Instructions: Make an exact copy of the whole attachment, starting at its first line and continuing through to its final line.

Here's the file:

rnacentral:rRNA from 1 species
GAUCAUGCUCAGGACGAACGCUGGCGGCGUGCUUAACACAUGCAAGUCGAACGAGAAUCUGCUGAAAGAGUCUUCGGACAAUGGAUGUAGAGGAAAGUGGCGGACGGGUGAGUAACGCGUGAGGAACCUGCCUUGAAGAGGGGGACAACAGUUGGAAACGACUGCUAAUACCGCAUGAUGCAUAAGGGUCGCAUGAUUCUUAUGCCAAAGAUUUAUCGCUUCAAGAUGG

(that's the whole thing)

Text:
rnacentral:rRNA from 1 species
GAUCAUGCUCAGGACGAACGCUGGCGGCGUGCUUAACACAUGCAAGUCGAACGAGAAUCUGCUGAAAGAGUCUUCGGACAAUGGAUGUAGAGGAAAGUGGCGGACGGGUGAGUAACGCGUGAGGAACCUGCCUUGAAGAGGGGGACAACAGUUGGAAACGACUGCUAAUACCGCAUGAUGCAUAAGGGUCGCAUGAUUCUUAUGCCAAAGAUUUAUCGCUUCAAGAUGG